U.S. News

Spring Housing Outlook


Spring house-hunters can expect to find a wide selection and falling prices in many American cities, though, like politics, all real estate is local.

Aspiring homeowners in brownstone Brooklyn, N.Y. won’t fare as well as those scouring for deals in parts of southern Florida, but, on the whole, market conditions clearly favor buyers. That’s due in part to rising foreclosures, which is helping to boost inventory levels while keeping prices stable or lower. 

“The good news is that we’re entering spring home buying where sellers are bringing prices down, inventories are pretty good, mortgage rates are near cyclical lows and the economy is generating jobs, so we’re in relatively good shape,” said David Lereah, chief economist at the National Association of Realtors. “The monkey wrench is the subprime problem.”

Given the spike in defaults and foreclosures among subprime borrowers -- individuals with spotty or limited credit histories -- and the resulting fallout from loose lending practices, mortgage lenders are setting the bar higher for loan applicants. Those with solid credit histories aren’t likely to encounter any problems securing a mortgage, housing experts say, but those with poor credit reports undoubtedly will.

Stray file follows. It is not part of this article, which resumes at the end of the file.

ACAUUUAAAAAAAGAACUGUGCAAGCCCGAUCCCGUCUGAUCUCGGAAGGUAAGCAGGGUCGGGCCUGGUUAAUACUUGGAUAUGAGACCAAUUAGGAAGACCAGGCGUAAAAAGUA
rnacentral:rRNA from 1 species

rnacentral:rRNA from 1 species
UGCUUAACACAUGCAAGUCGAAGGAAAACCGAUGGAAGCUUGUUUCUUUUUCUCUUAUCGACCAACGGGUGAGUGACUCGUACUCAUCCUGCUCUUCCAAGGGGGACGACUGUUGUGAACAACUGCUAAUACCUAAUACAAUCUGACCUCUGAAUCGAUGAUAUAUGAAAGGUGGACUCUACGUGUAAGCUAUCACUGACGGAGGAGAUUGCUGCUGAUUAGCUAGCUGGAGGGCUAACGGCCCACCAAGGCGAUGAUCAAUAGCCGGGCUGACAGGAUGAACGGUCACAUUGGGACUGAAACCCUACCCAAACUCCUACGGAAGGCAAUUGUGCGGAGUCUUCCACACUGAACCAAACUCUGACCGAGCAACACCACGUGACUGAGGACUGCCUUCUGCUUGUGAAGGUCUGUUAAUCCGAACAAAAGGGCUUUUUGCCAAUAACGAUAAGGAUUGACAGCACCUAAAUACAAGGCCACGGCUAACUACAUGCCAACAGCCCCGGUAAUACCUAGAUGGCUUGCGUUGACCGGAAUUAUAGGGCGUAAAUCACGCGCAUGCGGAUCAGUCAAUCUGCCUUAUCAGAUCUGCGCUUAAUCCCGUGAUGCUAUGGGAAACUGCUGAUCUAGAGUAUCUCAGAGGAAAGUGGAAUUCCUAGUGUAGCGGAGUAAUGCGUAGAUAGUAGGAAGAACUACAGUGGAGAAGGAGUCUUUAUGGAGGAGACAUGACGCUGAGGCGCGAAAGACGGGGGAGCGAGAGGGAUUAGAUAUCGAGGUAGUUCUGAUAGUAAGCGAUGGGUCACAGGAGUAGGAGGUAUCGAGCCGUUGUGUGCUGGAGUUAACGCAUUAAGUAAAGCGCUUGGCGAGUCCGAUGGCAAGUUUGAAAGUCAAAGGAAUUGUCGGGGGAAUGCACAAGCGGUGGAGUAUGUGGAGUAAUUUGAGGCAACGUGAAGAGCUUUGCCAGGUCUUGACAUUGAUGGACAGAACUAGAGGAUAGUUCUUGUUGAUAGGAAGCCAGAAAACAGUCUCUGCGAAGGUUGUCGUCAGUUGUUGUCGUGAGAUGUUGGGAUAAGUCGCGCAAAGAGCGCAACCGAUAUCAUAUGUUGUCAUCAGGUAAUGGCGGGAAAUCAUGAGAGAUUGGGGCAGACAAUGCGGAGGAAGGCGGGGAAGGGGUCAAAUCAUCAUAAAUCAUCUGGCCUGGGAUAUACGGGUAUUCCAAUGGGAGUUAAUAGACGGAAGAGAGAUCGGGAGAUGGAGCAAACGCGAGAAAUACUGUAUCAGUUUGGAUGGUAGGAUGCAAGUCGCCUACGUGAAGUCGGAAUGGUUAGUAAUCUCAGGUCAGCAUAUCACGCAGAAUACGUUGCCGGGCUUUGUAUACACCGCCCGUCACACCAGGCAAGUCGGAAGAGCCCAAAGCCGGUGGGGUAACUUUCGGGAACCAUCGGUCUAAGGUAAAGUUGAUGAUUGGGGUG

“It will hit the low end of the housing market and that will probably have a negative impact on the mid-level market because in order for someone to trade up, you need to sell the house you are in,” said Celia Chen, director of housing economics at Moody’s Economy.com. “If the lower-income buyers can’t buy your house, you can’t move.”

A slide in would-be subprime buyers will likely dampen demand. That, coupled with the bump in foreclosures, could push prices down further in some regions. February foreclosures rose 12% from the same period last year, according to foreclosure-tracker RealtyTrac, with Nevada, Colorado and Florida logging the top foreclosure rates. Total foreclosures are on track to rise 33% this year over last.

“There are still more price declines to come,” Chen added. “I think a lot of buyers feel that way too, so that’s probably another reason the market will remain soft (for sellers) this spring. People might wait and see how much further prices fall.”